I remember one evening about 18 months ago, I was working on my laptop in front of the TV when my mobile started to ring. It was a number I didn’t recognise, but I picked it up anyway. The caller was a gentleman who wanted to find out more about coaching and how I could help him. He then spent the next 30 minutes telling me about his life story – without me prompting him to do so. After a couple of questions at the end, he came to conclusion coaching was too expensive. He quickly hung up, without so much as a goodbye.
At the end of the call, I put my mobile down and noticed the time. It was 10:15pm. I remember thinking, “Hang on, what? 10:15pm? That can’t be right. What kind of a person calls someone at 9:45pm on week night about work? Do they not appreciate that some people might have a life?!”. And then the thought of, “I just listened to him vomit his life story at me for 30 minutes and he didn’t even say thank you for my time? It’s 10:15pm!”. It was a weird state of frustrated disbelief. How dare this man interrupt my evening?!
However, once I had got over my initial frustration, I realised I was asking the wrong question. Instead of asking what kind of a person calls at that time of night, the question should actually have been, “What kind of a person answers their mobile at 9:45pm?”.
This question shifted my whole thought process. I realised I wasn’t angry at him for disrespecting my time. I was angry at myself for disrespecting my time. I was angry at myself for not respecting me.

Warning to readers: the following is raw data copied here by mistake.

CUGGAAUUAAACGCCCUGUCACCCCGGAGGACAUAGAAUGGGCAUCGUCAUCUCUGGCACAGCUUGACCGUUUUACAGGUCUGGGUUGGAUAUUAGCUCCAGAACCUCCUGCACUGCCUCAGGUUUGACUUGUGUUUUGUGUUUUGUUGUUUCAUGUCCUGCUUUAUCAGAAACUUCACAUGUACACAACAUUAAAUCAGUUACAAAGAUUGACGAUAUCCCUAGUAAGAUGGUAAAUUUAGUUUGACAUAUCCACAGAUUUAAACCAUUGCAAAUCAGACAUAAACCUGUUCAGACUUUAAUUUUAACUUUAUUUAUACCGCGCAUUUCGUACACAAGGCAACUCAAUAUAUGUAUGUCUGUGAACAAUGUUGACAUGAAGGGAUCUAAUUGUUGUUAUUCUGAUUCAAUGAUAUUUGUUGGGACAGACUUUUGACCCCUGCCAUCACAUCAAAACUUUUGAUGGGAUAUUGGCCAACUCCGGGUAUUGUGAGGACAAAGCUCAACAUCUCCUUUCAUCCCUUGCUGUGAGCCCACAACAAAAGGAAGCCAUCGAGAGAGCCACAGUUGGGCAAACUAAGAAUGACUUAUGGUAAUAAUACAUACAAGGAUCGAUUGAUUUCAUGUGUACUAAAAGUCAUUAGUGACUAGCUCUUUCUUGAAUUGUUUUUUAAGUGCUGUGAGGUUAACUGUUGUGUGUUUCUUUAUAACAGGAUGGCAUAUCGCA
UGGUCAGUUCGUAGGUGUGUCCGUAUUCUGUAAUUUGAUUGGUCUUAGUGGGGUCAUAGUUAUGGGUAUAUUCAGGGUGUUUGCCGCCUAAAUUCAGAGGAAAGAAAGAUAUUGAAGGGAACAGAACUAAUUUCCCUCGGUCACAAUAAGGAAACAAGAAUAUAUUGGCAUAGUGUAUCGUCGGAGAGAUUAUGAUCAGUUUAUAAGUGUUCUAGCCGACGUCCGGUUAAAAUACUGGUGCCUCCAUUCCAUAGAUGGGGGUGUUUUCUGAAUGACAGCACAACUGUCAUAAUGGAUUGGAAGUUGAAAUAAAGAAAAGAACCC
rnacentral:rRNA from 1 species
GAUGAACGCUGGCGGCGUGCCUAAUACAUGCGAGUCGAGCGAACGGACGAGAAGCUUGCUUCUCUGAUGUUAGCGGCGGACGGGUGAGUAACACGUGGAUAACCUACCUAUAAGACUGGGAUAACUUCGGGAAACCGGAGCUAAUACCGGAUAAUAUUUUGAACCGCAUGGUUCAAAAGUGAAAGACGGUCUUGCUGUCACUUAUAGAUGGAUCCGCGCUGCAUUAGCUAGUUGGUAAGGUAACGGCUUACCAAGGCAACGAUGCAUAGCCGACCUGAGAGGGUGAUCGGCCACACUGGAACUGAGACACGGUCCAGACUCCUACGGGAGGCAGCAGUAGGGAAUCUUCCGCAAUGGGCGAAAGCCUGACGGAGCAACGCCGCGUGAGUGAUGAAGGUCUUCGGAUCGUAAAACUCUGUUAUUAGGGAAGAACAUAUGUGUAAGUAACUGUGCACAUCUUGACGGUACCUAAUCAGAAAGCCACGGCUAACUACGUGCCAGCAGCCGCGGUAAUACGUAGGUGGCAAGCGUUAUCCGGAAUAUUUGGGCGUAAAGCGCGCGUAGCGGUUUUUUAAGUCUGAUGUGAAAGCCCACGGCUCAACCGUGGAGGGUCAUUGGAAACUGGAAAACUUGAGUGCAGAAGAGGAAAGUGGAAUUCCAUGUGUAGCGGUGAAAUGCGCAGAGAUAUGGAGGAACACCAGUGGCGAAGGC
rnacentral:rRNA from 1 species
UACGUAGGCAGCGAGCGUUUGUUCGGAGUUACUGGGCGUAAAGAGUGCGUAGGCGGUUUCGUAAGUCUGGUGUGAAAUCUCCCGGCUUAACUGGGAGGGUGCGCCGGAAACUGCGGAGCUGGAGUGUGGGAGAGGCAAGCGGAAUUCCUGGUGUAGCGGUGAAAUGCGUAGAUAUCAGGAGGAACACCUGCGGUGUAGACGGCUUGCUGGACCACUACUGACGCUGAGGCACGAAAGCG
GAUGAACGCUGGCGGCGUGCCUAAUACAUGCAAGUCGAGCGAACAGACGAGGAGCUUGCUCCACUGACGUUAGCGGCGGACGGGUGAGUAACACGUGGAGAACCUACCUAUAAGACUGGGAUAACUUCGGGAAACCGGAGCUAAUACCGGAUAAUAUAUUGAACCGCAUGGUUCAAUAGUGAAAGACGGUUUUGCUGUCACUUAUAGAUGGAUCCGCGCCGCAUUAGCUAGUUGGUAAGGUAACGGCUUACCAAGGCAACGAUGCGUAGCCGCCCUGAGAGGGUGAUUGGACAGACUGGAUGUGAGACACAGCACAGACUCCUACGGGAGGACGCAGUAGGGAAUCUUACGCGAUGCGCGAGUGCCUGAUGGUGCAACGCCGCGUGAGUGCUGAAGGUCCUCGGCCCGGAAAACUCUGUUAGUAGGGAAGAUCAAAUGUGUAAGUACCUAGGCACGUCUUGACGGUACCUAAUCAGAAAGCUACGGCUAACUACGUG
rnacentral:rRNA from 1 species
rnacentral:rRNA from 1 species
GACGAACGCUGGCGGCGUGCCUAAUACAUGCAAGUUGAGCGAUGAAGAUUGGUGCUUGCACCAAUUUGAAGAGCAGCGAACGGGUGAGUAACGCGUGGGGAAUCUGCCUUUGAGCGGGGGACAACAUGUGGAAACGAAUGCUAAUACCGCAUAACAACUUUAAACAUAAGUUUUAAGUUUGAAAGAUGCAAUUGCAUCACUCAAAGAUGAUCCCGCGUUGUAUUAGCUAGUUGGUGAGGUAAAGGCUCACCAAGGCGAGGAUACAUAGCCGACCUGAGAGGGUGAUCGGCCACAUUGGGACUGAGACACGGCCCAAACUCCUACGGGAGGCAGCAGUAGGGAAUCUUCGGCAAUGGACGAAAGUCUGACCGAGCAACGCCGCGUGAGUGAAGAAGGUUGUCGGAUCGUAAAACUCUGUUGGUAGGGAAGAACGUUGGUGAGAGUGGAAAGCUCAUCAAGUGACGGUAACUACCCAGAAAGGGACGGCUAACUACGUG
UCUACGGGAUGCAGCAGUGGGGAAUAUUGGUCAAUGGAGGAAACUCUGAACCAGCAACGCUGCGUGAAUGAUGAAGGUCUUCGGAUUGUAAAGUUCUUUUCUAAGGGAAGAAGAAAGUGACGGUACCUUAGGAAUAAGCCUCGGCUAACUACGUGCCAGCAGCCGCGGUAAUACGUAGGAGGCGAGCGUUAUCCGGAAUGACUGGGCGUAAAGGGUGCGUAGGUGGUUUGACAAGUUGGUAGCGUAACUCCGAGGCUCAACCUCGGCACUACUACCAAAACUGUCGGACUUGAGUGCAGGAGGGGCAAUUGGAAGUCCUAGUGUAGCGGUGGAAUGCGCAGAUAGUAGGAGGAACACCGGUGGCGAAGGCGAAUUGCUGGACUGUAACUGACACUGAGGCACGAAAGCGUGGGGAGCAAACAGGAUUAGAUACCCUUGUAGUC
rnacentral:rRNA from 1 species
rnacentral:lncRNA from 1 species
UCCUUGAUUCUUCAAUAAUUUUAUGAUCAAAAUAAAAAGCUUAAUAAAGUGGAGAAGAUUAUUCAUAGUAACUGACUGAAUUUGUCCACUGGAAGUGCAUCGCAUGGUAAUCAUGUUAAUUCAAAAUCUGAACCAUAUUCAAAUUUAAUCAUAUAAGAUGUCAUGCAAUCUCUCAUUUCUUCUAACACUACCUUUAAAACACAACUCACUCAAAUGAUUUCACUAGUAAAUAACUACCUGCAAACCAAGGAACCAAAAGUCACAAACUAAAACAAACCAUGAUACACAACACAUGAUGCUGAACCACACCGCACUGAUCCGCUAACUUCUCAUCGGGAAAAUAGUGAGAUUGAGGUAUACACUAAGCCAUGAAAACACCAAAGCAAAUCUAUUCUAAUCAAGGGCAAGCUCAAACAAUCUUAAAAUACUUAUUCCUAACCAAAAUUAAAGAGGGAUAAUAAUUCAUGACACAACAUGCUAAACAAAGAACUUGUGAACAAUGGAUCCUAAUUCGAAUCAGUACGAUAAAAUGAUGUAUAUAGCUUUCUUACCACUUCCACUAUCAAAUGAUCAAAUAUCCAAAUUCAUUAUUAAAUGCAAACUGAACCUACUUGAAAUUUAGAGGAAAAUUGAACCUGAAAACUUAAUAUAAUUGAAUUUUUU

I then had to ask myself: what was causing me to pick up my mobile in the first place? And, not only that. Why was I working on my laptop at 9:30pm? Where was I at, mentally and emotionally, for me to think I had no choice but to do these things? Because ultimately we always have a choice right? I could have chosen to not pick up my mobile, but I didn’t. Why?
Before I answer that question, just in case anyone isn’t quite clear, being on your mobile (or laptop) all the time is NOT a good thing. You see, it doesn’t matter where you are physically. Your mobile will dictate where you are mentally and emotionally. So while you might be physically with your family, mentally and emotionally you’re at the office. Meaning you are never connecting with the people or engaging in the environment right in front of you. And if you don’t connect with the people around you – they will leave you. And if you’re not engaging with your environment, you’re essentially spending most of your time living in a virtual reality. And any psychologist will tell you – that is not beneficial for any human psyche!
Understanding why you believe you are a slave to your mobile phone or laptop, including social media, is the first step. Once you know why, then you can start to address what you want to do about it. Here are the top reasons why you might feel you are currently at the mercy of your mobile right now:
As a business owner, I don’t have a guaranteed salary. When I first started coaching, I was always facing the uncertainty of not knowing where the money was coming from each month. Driving a need to take every call, answer every email – no matter what time of day or night – through fear of missing out on business.
Ask yourself: what are you afraid will happen if you don’t answer your phone? Are you scared you’ll upset your boss? Your client? Your co-worker? Your friends? And what is the consequence of that? Are you scared you won’t make any money? Get fired? And what then? You’ll end up broke, destitute and living on the streets – completely and utterly alone?
Solution 1: Be realistic
Are you really going to end up destitute and living on the streets if you don’t answer your mobile after 7pm? I highly doubt it. Most employers don’t expect you to answer your mobile and emails at all hours of the night.